EMS Psaltery, Plucked 22 Strings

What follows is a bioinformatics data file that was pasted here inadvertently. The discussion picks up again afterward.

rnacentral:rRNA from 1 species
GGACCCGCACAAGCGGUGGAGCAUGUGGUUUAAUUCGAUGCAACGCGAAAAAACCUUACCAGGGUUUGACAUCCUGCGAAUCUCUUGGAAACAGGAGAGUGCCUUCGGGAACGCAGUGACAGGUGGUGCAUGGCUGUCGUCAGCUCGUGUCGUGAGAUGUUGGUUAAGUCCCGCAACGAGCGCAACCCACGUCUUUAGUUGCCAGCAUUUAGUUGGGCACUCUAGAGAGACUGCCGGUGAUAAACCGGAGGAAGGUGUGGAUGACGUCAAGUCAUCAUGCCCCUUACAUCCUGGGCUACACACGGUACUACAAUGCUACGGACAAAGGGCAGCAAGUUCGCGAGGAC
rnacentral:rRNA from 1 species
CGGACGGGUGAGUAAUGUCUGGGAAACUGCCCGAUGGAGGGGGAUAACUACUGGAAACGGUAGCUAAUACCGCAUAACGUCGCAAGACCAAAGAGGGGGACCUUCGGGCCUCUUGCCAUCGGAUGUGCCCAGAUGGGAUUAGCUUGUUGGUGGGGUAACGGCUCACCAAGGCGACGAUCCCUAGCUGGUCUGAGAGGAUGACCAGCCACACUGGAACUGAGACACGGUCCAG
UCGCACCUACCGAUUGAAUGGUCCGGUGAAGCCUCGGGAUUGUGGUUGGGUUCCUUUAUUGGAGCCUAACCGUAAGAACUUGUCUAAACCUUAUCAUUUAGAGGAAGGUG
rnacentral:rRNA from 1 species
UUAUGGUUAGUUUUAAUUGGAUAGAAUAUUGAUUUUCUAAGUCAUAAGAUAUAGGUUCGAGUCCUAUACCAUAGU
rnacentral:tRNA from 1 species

Product Description: 24" x 13" this historic reproduction is designed by Early Music Shop. It has a solid rosewood body, spruce sound board and solid brass bridges. It comes with a tuning tool. 22 steel strings with suggested tuning: low G (G3) to High G (G6), 3 octave of all naturals. Strings 1 - 9 are .012", 10 - 17 are .015" and 18 - 22 are .018"; all plain steel with loop ends. This plucked psaltery is a reproduction of the most common form. It has the trapezoidal shape with curved sides, referred to as 'pigsnout' and the tuning pegs mounted on the sides. Historic illustrations show the plucked psaltery held against the chest with the narrow, pig-snout end pointed down, or resting on the lap. The strings of the plucked psaltery are plucked, either with fingers or with a quill or plectrum. Rosin for bow (RSNP) sold separately. Modern plucked psalteries mount the pegs perpendicular into the soundboard. The term psaltery is from the Greek psalterion. The instrument was most likely brought to Europe during the crusades from the Near East, or it may have been based on the North African Qanun. The earliest psalteries had gut strings. Later steel strings were added for a louder, brighter sound. Illustrations from the 12th century onwards depict a number of different forms of the instrument. Such plucked psalteries were well known throughout Europe during the Middle Ages: Geoffrey Chaucer (c.1340 - 1400) refers to it in his Millere's Tale. By the 18th century it had developed into several other instruments, including the hammered dulcimer. The harpsichord is a hammered dulcimer with a keyboard mechanism; which eventually gave rise to the most important instrument of modern times, the piano. Historic illustrations show the plucked psaltery held against the chest with the narrow, pig-snout end pointed down, or resting on the lap. The strings of the plucked psaltery are plucked, either with fingers or with a quill or plectrum. Rosin for bow sold separately.